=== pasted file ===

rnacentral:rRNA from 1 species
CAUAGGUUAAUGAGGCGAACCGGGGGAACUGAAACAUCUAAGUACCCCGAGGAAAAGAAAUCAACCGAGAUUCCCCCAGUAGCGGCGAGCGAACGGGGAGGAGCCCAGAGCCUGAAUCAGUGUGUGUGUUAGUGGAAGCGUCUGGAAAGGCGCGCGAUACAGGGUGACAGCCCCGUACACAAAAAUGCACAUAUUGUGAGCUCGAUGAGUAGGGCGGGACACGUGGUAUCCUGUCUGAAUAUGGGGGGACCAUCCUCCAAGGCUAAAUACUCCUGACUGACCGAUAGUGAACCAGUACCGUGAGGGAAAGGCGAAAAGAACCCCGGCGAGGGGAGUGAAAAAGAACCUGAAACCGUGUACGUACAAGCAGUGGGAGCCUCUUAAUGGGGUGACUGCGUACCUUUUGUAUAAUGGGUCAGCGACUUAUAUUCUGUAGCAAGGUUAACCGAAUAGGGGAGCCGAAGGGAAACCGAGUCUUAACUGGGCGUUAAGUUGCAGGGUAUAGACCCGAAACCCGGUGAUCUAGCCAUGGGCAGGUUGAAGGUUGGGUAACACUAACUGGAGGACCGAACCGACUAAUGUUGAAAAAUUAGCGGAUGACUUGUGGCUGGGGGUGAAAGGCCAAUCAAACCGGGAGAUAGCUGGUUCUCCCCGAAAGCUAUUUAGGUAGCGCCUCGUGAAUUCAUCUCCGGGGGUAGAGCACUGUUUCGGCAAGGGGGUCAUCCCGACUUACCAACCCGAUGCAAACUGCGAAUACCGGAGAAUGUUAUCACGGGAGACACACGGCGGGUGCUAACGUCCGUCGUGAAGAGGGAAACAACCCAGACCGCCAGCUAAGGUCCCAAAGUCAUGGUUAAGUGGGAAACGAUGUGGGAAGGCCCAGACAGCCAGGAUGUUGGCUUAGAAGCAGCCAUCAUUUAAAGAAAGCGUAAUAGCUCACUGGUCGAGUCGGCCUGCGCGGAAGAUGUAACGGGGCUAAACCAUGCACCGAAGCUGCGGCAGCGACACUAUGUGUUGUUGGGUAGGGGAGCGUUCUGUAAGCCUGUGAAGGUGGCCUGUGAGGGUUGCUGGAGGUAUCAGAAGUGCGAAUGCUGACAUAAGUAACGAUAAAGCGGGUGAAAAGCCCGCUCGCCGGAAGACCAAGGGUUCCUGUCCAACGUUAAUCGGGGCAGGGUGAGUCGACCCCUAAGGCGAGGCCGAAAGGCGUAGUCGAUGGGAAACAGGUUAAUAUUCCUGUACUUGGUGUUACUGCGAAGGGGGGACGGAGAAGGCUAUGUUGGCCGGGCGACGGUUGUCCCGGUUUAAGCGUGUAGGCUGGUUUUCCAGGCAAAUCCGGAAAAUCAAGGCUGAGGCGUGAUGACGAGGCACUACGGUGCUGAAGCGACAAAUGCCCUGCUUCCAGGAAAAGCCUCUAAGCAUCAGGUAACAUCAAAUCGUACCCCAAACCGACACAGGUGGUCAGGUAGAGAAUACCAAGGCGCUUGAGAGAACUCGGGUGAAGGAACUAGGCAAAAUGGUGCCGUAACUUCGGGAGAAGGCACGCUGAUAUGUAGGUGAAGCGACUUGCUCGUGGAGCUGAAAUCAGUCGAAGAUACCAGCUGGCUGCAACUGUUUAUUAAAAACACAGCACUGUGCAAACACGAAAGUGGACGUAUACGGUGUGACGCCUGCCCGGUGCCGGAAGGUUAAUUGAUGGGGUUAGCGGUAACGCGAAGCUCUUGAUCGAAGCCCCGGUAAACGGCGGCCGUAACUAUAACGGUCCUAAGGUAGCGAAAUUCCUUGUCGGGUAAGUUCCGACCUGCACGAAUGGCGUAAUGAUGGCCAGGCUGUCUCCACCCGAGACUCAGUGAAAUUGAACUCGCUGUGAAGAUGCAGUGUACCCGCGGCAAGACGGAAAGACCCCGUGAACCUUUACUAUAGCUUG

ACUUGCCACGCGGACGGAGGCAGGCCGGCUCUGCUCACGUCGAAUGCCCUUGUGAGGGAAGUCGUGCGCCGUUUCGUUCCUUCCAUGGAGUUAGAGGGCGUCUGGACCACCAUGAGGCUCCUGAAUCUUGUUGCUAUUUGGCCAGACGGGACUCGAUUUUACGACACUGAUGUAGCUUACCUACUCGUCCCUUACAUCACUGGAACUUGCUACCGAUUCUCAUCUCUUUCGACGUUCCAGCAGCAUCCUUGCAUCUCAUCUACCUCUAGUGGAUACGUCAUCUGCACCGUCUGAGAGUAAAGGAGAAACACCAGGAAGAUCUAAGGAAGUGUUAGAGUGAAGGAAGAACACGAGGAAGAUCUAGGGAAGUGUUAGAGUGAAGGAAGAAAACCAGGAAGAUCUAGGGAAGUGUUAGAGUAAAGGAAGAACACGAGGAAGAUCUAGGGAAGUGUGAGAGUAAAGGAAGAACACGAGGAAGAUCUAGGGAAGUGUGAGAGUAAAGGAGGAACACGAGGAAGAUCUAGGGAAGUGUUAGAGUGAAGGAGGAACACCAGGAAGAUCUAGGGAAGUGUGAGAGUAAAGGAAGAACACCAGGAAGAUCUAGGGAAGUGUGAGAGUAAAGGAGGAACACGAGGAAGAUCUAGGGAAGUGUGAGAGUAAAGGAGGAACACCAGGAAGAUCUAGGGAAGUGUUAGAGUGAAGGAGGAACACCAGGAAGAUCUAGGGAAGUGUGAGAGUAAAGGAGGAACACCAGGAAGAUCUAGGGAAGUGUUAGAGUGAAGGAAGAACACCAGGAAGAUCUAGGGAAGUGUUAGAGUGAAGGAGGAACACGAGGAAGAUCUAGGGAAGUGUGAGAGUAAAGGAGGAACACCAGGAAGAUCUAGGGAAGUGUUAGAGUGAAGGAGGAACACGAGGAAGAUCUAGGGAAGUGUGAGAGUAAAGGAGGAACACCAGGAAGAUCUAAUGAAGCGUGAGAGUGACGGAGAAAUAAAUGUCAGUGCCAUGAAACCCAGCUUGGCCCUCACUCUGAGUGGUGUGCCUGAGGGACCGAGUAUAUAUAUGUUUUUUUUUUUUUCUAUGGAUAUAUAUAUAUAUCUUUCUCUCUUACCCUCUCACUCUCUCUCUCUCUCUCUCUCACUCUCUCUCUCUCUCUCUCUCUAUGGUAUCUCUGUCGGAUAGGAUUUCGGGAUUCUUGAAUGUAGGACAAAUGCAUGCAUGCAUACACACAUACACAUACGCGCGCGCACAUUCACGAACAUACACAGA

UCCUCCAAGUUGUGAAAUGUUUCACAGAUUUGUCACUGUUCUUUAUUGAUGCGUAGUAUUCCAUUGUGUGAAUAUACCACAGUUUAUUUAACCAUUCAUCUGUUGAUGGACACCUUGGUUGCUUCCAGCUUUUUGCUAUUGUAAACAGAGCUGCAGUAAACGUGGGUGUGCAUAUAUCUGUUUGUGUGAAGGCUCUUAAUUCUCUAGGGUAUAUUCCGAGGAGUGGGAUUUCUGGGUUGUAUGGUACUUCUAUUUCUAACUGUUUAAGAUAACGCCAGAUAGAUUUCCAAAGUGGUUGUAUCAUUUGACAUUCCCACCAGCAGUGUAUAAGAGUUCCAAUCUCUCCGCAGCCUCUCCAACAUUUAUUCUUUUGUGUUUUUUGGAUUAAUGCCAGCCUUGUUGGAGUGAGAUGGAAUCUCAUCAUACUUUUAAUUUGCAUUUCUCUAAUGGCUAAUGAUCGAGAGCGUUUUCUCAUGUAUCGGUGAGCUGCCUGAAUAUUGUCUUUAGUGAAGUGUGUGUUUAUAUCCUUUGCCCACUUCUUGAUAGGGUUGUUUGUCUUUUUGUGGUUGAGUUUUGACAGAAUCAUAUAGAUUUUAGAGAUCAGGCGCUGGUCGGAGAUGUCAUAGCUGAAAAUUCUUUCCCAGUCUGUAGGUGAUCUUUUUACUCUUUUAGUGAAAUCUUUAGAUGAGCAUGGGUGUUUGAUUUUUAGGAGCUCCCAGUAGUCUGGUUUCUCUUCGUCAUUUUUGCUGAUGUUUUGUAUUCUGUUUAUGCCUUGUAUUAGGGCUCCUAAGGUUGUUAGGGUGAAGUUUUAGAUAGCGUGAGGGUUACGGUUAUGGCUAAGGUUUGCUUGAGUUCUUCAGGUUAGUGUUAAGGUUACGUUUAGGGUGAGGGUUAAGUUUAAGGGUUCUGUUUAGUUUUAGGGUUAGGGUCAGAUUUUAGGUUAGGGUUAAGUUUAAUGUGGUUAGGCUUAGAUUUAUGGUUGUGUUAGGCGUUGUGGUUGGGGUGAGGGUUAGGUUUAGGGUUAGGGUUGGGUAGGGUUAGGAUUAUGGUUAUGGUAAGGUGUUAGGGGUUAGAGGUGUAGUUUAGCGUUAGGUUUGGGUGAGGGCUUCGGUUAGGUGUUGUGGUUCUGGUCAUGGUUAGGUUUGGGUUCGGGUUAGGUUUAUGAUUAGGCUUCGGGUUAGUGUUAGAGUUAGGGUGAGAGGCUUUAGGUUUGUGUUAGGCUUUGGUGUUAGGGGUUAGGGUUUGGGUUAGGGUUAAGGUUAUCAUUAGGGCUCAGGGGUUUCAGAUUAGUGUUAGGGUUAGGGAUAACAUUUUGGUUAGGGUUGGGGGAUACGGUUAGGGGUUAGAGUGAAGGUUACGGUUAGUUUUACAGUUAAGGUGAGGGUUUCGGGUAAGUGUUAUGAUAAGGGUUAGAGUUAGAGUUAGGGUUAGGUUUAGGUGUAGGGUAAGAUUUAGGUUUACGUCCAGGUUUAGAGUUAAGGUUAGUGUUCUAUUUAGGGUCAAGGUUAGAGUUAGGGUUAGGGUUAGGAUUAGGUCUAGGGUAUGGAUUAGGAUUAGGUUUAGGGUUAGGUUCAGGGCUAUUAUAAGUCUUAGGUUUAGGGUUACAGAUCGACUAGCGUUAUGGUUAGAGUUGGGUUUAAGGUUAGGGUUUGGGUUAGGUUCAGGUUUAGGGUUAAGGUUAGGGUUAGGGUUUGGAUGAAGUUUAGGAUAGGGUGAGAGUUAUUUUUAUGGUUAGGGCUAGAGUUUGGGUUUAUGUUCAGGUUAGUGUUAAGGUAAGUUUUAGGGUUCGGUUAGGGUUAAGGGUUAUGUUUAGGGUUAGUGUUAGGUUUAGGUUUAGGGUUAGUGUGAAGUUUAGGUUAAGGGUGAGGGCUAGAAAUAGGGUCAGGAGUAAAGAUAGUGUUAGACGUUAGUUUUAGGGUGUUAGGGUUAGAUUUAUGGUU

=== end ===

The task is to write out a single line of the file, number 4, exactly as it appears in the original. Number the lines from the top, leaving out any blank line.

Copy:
UCCUCCAAGUUGUGAAAUGUUUCACAGAUUUGUCACUGUUCUUUAUUGAUGCGUAGUAUUCCAUUGUGUGAAUAUACCACAGUUUAUUUAACCAUUCAUCUGUUGAUGGACACCUUGGUUGCUUCCAGCUUUUUGCUAUUGUAAACAGAGCUGCAGUAAACGUGGGUGUGCAUAUAUCUGUUUGUGUGAAGGCUCUUAAUUCUCUAGGGUAUAUUCCGAGGAGUGGGAUUUCUGGGUUGUAUGGUACUUCUAUUUCUAACUGUUUAAGAUAACGCCAGAUAGAUUUCCAAAGUGGUUGUAUCAUUUGACAUUCCCACCAGCAGUGUAUAAGAGUUCCAAUCUCUCCGCAGCCUCUCCAACAUUUAUUCUUUUGUGUUUUUUGGAUUAAUGCCAGCCUUGUUGGAGUGAGAUGGAAUCUCAUCAUACUUUUAAUUUGCAUUUCUCUAAUGGCUAAUGAUCGAGAGCGUUUUCUCAUGUAUCGGUGAGCUGCCUGAAUAUUGUCUUUAGUGAAGUGUGUGUUUAUAUCCUUUGCCCACUUCUUGAUAGGGUUGUUUGUCUUUUUGUGGUUGAGUUUUGACAGAAUCAUAUAGAUUUUAGAGAUCAGGCGCUGGUCGGAGAUGUCAUAGCUGAAAAUUCUUUCCCAGUCUGUAGGUGAUCUUUUUACUCUUUUAGUGAAAUCUUUAGAUGAGCAUGGGUGUUUGAUUUUUAGGAGCUCCCAGUAGUCUGGUUUCUCUUCGUCAUUUUUGCUGAUGUUUUGUAUUCUGUUUAUGCCUUGUAUUAGGGCUCCUAAGGUUGUUAGGGUGAAGUUUUAGAUAGCGUGAGGGUUACGGUUAUGGCUAAGGUUUGCUUGAGUUCUUCAGGUUAGUGUUAAGGUUACGUUUAGGGUGAGGGUUAAGUUUAAGGGUUCUGUUUAGUUUUAGGGUUAGGGUCAGAUUUUAGGUUAGGGUUAAGUUUAAUGUGGUUAGGCUUAGAUUUAUGGUUGUGUUAGGCGUUGUGGUUGGGGUGAGGGUUAGGUUUAGGGUUAGGGUUGGGUAGGGUUAGGAUUAUGGUUAUGGUAAGGUGUUAGGGGUUAGAGGUGUAGUUUAGCGUUAGGUUUGGGUGAGGGCUUCGGUUAGGUGUUGUGGUUCUGGUCAUGGUUAGGUUUGGGUUCGGGUUAGGUUUAUGAUUAGGCUUCGGGUUAGUGUUAGAGUUAGGGUGAGAGGCUUUAGGUUUGUGUUAGGCUUUGGUGUUAGGGGUUAGGGUUUGGGUUAGGGUUAAGGUUAUCAUUAGGGCUCAGGGGUUUCAGAUUAGUGUUAGGGUUAGGGAUAACAUUUUGGUUAGGGUUGGGGGAUACGGUUAGGGGUUAGAGUGAAGGUUACGGUUAGUUUUACAGUUAAGGUGAGGGUUUCGGGUAAGUGUUAUGAUAAGGGUUAGAGUUAGAGUUAGGGUUAGGUUUAGGUGUAGGGUAAGAUUUAGGUUUACGUCCAGGUUUAGAGUUAAGGUUAGUGUUCUAUUUAGGGUCAAGGUUAGAGUUAGGGUUAGGGUUAGGAUUAGGUCUAGGGUAUGGAUUAGGAUUAGGUUUAGGGUUAGGUUCAGGGCUAUUAUAAGUCUUAGGUUUAGGGUUACAGAUCGACUAGCGUUAUGGUUAGAGUUGGGUUUAAGGUUAGGGUUUGGGUUAGGUUCAGGUUUAGGGUUAAGGUUAGGGUUAGGGUUUGGAUGAAGUUUAGGAUAGGGUGAGAGUUAUUUUUAUGGUUAGGGCUAGAGUUUGGGUUUAUGUUCAGGUUAGUGUUAAGGUAAGUUUUAGGGUUCGGUUAGGGUUAAGGGUUAUGUUUAGGGUUAGUGUUAGGUUUAGGUUUAGGGUUAGUGUGAAGUUUAGGUUAAGGGUGAGGGCUAGAAAUAGGGUCAGGAGUAAAGAUAGUGUUAGACGUUAGUUUUAGGGUGUUAGGGUUAGAUUUAUGGUU